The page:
It Takes More Than Great Tools To Build Something
There was a short entry yesterday on Seth Godin’s Blog called Tools vs. Craftsmen. It underscored the wonderful opportunities we have as businesses and as individuals.
Technology continues to lower the barriers to entry for people who want to conduct commerce or express a point of view. There are Web sites, blogs, podcasts (now video and audio), RSS feeds, and incredibly powerful and useful software programs to convey a message be it written, spoken, visual, rich media or all combined. In fact, Thomas Friedman’s best-selling book, The World is Flat, does an excellent job of illuminating ten big forces that are “flattening” the world and making it easier for people to communicate and do business. The Internet is at the top of this list for removing the barriers to entry.
Although the Internet and other new technological tools provide access to opportunities for a growing share of the world’s population, tools alone will not make it happen. As Godin puts it, the tools are available, but there will always be a crying need for craftsmen who can do great things with these tools. I can go to Sears and buy a pickup truck full of tools, but it won’t make me a carpenter. I will not be a “craftsman” even though the folks at Sears are branding their tools as CRAFTSMAN®. By the way, their slogan is “Makes Anything Possible.” Well maybe for some, but that doesn’t include a large portion of public that has a significant problem mastering the “tools of the trade” (author included).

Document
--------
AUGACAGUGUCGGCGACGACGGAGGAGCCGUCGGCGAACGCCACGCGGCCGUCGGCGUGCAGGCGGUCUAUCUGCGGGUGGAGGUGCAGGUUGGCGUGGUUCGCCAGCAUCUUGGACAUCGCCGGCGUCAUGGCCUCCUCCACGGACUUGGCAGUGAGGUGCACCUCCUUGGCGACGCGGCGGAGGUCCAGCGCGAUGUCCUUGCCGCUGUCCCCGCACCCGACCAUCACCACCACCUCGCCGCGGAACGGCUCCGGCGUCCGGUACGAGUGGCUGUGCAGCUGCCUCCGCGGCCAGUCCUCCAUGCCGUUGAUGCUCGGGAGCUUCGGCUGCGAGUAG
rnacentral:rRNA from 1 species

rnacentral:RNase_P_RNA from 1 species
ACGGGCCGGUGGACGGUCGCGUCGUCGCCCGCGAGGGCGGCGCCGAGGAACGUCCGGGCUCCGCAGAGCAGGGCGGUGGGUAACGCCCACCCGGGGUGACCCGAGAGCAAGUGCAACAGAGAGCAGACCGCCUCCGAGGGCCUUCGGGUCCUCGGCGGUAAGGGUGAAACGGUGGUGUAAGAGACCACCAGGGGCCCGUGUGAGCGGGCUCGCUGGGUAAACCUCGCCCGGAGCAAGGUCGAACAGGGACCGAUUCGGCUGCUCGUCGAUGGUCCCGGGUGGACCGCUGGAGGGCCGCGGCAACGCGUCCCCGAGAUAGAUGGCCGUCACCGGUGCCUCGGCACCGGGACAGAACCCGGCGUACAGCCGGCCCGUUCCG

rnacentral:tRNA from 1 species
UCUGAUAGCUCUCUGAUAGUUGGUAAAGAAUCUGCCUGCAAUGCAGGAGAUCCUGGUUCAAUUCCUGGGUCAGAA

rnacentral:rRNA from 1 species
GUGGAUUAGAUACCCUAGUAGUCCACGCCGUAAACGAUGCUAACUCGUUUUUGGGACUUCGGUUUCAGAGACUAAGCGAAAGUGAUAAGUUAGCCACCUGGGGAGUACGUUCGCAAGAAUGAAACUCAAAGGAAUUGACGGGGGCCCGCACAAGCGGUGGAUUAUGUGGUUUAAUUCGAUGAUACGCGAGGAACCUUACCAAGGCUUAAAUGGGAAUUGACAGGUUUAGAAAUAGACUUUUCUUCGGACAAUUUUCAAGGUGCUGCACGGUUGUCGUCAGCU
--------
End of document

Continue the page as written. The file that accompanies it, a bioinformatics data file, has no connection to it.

According to the dictionary, the term “craftsman” means a person who practices a craft with great skill; an artist. It implies a talent and the application of creativity. The world has a lot of great tools, but we will always need craftsman to utilize and build with these tools. It doesn’t matter whether your tools are involved with communication, software, manufacturing, healthcare, accounting, construction, hospitality, financial services, restaurants…whatever.
To grow and prosper, businesses big and small need craftsmen. They need men and women who can apply their talent, skill and creativity and make a difference. The job of management, as always, is to make sure there is a good blueprint for what is being built and removing impediments, so craftsmen can do their jobs and create something useful, attractive and functional.